Sunday, October 17, 2010

Planners focus on what younger generations want for Richmond

That's the title of an article in the Richmond Times-Dispatch about what the city is doing to attract young professionals:
As Richmond-area leaders ponder strategic priorities for the region, they are beginning to listen to what younger generations say they want in a place to live, work and play. And the answer is they want outdoor recreation, especially centered on the James River; a lively, unstuffy art and music scene; and an urban environment that's authentic and stylish.

And they're willing to help create it by building trails in James River Park, flocking to art galleries throughout the city every first Friday, or gathering along the riverfront for the three-day Richmond Folk Festival.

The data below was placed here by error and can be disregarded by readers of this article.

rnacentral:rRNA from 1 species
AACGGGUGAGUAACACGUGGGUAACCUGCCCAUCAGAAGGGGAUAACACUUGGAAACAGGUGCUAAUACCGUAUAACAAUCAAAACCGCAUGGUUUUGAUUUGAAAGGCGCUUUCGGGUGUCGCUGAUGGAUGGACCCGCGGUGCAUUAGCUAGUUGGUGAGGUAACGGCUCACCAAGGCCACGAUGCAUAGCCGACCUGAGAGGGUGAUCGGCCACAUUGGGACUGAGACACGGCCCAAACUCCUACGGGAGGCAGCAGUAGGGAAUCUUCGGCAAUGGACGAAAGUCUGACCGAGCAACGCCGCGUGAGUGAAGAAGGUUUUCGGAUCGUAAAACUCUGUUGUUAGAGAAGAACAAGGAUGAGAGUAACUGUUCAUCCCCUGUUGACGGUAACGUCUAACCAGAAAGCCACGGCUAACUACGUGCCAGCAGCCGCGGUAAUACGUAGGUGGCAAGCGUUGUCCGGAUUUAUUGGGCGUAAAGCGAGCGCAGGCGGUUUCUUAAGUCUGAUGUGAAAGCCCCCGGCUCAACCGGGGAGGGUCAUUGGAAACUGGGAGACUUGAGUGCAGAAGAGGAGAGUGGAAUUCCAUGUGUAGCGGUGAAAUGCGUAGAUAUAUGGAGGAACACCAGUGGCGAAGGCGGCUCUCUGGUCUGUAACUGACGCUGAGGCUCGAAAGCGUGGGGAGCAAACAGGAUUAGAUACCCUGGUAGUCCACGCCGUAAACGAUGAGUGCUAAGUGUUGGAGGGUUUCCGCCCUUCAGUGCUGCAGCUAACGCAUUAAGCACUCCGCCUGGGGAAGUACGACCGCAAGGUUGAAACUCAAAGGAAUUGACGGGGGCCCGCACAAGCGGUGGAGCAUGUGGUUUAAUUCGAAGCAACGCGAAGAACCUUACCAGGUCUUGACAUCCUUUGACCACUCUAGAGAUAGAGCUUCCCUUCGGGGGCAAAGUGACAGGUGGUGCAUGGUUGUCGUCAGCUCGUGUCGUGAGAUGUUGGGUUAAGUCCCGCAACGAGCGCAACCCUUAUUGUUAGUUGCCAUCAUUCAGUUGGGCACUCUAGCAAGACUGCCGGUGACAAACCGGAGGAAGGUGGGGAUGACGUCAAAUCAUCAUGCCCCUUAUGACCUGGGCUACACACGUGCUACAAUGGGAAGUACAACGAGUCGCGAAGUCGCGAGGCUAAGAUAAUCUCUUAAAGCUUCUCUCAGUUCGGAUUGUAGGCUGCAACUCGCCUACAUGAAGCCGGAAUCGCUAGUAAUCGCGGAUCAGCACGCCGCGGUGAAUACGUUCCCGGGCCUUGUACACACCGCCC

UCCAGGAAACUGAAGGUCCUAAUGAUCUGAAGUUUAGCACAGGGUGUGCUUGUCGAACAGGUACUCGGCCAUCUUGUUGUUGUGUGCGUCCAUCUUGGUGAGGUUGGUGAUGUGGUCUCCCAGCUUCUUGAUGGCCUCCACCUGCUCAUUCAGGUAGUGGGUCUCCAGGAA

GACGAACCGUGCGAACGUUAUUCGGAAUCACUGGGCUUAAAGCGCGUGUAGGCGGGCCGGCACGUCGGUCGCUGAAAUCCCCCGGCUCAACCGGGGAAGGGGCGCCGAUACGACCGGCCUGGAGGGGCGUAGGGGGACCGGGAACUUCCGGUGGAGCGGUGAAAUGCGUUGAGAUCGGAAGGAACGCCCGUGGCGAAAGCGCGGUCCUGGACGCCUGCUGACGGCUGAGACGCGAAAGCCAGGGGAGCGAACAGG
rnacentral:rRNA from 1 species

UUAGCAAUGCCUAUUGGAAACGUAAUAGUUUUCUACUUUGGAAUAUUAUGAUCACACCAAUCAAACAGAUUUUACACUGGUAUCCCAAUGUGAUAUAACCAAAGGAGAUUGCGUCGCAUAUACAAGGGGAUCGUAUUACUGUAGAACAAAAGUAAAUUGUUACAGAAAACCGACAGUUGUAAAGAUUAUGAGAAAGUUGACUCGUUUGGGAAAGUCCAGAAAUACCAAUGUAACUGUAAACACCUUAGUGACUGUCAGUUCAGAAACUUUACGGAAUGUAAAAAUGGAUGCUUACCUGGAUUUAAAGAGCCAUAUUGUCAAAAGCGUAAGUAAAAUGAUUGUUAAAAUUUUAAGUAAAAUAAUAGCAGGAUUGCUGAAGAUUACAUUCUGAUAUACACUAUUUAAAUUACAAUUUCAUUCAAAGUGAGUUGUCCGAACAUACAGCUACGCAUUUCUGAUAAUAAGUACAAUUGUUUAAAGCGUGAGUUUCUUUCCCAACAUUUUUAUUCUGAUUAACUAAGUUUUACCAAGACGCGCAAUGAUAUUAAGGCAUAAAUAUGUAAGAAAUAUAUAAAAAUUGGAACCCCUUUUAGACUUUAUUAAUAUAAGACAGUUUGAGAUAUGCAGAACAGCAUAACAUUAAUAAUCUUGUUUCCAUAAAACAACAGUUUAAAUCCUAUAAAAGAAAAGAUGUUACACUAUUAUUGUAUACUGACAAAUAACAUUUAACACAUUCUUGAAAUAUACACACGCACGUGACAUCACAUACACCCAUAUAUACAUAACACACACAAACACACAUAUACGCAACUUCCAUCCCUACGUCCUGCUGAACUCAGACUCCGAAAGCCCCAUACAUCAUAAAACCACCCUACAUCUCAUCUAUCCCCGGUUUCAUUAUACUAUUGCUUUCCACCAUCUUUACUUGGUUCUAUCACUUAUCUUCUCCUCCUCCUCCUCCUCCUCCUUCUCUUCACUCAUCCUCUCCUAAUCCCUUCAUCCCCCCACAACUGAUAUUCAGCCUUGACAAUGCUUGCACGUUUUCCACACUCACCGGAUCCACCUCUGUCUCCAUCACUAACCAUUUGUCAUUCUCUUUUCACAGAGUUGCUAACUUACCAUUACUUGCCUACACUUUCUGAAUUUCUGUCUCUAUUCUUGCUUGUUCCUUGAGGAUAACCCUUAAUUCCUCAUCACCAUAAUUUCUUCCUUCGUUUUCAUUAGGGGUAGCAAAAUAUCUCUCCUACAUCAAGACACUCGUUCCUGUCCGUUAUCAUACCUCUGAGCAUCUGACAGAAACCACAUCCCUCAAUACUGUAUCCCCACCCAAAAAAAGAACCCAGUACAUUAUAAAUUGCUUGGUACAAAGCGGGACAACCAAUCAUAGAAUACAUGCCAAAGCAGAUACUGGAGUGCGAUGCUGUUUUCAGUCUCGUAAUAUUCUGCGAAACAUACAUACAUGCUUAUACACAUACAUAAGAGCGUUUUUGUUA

The James is central to Chesterfield's riverfront plan, which envisions greenways for biking and hiking along the river, as well as along the Appomattox River in the southern end of the county. "We're looking at some major river corridors," said Mike Golden, director of parks and recreation in Chesterfield.

One unifying objective for the region is creating more opportunities for trails for bicycling, running and hiking. The Virginia Capital Trail is under construction on a 50-mile stretch from Williamsburg to Shockoe Bottom.

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